Last week's update has been incredibly well received.  Today, the series on the opening of the war and how the Western Front developed continues, with a look at the actions that occurred between the rivers Marne and Aisne in mid September 1914.  As these essays are meant to be educational in tone, I certainly appreciate any feedback the reader may have in either comments, questions or suggestions.  You can follow "If Ye Break Faith" on social feeds, including Twitter and Facebook.

 A strong advance had pushed the French and British back, putting Paris in danger and the Germans tantalisingly close to completing their campaign.  Needing to take a stand somewhere before all was lost, the French Commander in Chief, Joffre, announced to his officers, “We will fight on the Marne.”[1]  So desperate was he to prevent a complete collapse, of the calculated withdrawal becoming a rout, he added “Under present conditions, no weakness will be tolerated.”[2]

The reversal at the Battle of the Marne “was not decided by a single brilliant master-stroke or decisive breakthrough: ultimately the will of the commanders was no less important than that of the exhausted young men who actually did the fighting”[3]  

There is a sport, very little known, which sees competitors alternate between playing a game of chess and rounds of boxing.  Both on their own are analogous to warfare; together they sum up the combination of intellectual and physical components of war quite well.  For, if a competitor gets trounced in the ring, he may not fare too well in making sound movements on the board.  Likewise, if he’s concentrating too much on his piece moves when on the canvas, he’s likely to have a loose guard.  Such is what faced the Germans and the allies in the West in early September 1914.  Both armies were showing the strain that modern war would place upon body and mind.  Several things of both natures were to contribute to events unfolding as they did, and all taken together show how the war, begun with grand schemes of movement and manoeuvre would grind down to a nearly unbreakable halt and years of static warfare.

First, “it is necessary, however, to take account of the situation on other parts of the battlefront for unless the Germans intentions elsewhere had been frustrated, Joffre’s victory would have been impossible and defeat probable.”[4] In the south, the French army’s major effort into Alsace Lorraine as dictated by the stratagem known as Plan XVII had met their opposition, the blocking force covering the sweeping flank of the Schlieffen Plan.  Fairly evenly matched, both forces made gains and losses at terrible cost, but no advantage to either side.  For the Germans, this was less critical as their battle was meant to be won by the Armies further north falling upon Paris.  Ideally they were to have reduced the French, but at minimum they merely needed to hold them in place.  Conversely, the French could not yield too much, in fact to win the war on their terms; the Germans along the frontier must be eliminated.  Concurrently, with the failure to check the German right and the retreat towards the capitol, French units in this centre would have to stand fast in order to prevent the whole front from collapsing.  The terrain and border fortifications, such as those at Verdun proved sufficient to slow German progress here, where the south-eastern apex of Germany’s advance of the entire war was reached.[5]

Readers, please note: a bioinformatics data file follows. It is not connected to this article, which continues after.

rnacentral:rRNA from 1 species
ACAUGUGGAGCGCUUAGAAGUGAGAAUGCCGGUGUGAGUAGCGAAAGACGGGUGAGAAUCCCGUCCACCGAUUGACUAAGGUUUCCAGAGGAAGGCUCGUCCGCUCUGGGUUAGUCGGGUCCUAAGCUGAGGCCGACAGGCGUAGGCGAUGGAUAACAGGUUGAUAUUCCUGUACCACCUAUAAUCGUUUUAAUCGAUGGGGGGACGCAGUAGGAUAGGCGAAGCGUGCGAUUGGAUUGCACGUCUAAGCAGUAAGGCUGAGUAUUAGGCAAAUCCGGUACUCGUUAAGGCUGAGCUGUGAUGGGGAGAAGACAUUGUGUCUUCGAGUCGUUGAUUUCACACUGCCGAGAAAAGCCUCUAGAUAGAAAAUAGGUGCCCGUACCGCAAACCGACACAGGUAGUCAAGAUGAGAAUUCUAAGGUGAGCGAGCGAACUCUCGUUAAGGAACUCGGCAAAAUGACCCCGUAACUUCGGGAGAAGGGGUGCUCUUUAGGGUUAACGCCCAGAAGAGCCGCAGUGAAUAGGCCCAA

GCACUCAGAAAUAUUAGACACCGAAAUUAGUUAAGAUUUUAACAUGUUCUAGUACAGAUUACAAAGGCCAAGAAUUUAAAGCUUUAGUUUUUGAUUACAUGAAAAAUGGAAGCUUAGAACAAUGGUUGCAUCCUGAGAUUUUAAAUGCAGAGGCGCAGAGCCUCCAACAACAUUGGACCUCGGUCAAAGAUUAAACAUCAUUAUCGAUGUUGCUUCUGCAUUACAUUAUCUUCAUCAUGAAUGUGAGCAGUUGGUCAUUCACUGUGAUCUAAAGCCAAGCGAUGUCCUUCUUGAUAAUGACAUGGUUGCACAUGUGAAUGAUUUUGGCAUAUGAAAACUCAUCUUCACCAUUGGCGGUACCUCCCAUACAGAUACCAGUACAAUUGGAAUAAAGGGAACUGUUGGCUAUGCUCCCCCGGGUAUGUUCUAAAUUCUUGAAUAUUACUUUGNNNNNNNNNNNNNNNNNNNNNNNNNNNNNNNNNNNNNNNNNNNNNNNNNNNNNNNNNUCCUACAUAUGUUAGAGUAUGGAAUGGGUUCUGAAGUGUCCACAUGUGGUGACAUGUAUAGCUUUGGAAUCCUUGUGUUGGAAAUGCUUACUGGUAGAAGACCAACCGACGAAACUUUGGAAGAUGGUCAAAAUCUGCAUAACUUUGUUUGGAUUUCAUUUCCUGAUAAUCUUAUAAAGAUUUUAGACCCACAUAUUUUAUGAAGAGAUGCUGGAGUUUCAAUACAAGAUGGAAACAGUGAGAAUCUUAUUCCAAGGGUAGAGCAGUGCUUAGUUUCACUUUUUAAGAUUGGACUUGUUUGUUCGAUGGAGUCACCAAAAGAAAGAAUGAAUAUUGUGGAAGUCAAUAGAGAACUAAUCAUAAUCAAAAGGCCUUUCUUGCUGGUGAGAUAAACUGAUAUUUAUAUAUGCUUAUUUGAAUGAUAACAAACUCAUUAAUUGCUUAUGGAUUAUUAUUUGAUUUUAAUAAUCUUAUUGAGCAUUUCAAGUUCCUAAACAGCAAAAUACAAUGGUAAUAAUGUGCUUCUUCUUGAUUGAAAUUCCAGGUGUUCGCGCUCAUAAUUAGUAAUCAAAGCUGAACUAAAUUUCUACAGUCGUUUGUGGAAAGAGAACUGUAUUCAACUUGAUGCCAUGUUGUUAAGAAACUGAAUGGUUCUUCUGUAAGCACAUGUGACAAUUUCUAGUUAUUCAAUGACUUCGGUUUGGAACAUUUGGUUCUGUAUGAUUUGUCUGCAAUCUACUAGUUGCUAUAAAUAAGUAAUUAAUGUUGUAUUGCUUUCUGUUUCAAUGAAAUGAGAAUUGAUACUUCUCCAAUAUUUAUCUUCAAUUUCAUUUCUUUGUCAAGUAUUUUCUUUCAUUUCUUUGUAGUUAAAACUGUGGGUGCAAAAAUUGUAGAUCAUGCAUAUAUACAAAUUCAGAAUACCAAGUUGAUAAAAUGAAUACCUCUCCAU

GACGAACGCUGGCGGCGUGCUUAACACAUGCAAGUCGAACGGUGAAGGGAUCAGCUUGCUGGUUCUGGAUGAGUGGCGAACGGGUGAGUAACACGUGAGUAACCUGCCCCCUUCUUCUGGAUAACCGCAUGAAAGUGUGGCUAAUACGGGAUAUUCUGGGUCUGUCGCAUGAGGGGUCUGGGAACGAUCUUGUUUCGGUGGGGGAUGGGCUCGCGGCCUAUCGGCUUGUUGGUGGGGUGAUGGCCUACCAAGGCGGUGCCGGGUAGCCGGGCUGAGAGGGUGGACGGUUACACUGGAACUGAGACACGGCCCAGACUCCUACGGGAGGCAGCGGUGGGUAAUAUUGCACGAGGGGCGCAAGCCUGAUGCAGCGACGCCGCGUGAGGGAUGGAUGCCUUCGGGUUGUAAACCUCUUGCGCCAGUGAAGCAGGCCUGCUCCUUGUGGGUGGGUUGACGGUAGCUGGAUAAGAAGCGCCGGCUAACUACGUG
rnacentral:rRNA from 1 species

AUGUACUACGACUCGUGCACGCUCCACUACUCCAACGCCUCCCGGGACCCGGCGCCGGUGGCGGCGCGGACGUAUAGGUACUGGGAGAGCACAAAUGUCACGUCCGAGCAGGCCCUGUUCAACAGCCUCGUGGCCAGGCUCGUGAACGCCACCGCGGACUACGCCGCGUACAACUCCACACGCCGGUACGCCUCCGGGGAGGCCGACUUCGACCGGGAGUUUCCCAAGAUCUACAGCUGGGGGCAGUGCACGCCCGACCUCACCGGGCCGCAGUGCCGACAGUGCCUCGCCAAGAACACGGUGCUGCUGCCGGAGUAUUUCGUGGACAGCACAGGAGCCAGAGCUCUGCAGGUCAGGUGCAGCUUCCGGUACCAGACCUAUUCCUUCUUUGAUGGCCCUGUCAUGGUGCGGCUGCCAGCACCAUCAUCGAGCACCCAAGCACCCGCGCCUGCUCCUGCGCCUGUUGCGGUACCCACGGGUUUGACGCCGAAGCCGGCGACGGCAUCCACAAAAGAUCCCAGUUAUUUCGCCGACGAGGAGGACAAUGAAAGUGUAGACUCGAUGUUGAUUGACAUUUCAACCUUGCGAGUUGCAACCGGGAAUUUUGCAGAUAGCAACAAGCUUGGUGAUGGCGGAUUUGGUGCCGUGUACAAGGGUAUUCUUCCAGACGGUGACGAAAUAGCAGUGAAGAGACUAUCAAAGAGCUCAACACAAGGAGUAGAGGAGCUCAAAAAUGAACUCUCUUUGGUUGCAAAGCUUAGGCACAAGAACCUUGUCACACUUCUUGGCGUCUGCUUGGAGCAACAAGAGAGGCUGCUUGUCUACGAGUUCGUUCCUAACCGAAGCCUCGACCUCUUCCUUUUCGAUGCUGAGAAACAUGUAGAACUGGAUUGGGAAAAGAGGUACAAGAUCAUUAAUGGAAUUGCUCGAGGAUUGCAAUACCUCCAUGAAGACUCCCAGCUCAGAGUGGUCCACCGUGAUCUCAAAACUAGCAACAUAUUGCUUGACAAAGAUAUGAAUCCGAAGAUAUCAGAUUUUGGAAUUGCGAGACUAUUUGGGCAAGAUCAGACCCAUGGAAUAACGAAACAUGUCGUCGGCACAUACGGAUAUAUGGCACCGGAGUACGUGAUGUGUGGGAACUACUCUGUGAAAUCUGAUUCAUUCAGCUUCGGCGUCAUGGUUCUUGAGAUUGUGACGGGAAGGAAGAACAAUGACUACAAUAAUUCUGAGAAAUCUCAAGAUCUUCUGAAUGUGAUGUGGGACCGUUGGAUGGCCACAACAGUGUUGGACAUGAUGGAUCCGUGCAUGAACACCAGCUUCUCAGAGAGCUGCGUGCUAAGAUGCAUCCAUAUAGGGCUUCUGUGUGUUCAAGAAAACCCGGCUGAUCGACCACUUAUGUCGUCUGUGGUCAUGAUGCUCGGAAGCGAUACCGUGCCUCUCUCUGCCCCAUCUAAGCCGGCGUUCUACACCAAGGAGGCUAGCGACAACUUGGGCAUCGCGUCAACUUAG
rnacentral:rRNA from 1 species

Even though the German strategy had been hugely successful, things were beginning to go wrong.  The strong right wing of the Schlieffen Plan consisted of four Armies, notwithstanding having been reduced at the outset to reinforce the centre made up of the remaining three Armies.  All these Armies totalled nearly three million men and were controlled centrally by the Chief of the General Staff, Helmut von Moltke, whose headquarters was in Luxembourg, one hundred seventy miles away from the front line.[6] Despite the vaunted expertise the German Imperial Staff was noted for, it was not foreseen that such numbers required a level of command and control (Army Group) in between that of Army and General Headquarters.  An Army Group would have bound two or more Armies together and have an operational headquarters much closer to the front.  Without this, the four Armies outside Paris began to develop gaps between each other as their commanders fought their battles, with no ability to coordinate between flanking units.  Worse, Generalobersst Alexander von Kluck, commanding 1st Army ignored an order from Moltke to halt as an effort to maintain cohesion.  He was too eager for the notoriety of capturing Paris.